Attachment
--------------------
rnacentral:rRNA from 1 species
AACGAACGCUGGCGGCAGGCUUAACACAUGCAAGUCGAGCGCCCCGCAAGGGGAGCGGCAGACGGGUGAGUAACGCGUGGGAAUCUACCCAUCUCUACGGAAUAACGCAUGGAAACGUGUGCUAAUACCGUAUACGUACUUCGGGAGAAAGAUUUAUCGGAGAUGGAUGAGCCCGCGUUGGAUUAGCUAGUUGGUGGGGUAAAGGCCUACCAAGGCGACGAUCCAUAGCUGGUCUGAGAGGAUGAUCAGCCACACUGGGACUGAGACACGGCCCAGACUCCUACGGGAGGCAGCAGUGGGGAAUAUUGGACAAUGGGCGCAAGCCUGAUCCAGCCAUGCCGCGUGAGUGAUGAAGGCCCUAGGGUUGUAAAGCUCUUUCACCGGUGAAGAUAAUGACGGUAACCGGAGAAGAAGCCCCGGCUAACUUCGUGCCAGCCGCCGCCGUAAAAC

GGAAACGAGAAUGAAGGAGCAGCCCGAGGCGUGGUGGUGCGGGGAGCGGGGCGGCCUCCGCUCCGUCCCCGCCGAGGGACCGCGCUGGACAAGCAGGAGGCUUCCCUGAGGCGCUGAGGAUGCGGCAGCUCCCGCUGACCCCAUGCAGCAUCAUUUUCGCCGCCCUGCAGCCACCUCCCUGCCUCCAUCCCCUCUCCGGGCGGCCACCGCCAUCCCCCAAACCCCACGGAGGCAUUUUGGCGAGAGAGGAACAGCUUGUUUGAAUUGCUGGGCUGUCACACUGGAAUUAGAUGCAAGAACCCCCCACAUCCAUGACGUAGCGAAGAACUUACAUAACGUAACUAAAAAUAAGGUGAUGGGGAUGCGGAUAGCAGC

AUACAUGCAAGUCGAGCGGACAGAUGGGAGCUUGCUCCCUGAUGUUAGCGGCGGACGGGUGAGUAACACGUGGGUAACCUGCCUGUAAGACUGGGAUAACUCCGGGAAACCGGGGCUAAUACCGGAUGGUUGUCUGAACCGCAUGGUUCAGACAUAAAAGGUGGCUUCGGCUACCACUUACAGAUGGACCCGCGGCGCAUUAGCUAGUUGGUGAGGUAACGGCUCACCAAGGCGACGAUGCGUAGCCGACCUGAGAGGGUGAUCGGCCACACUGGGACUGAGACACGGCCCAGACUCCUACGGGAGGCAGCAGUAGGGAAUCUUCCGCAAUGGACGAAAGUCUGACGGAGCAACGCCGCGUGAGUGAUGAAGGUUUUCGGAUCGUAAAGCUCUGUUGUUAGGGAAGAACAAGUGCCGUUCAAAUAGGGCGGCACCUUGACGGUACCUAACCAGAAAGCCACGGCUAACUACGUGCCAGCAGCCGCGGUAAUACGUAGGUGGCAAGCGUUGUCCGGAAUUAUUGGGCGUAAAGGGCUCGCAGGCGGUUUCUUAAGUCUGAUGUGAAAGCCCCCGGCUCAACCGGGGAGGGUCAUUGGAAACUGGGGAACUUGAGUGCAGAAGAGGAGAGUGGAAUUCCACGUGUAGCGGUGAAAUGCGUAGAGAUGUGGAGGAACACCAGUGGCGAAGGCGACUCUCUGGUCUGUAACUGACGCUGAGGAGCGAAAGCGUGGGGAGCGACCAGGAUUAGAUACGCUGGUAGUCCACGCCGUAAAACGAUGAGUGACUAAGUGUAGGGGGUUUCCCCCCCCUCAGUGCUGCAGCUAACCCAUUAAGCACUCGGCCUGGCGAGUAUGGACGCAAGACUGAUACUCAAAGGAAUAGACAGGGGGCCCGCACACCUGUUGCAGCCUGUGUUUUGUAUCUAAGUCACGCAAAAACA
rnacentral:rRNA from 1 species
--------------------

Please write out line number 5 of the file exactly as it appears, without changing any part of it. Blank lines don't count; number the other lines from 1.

rnacentral:rRNA from 1 species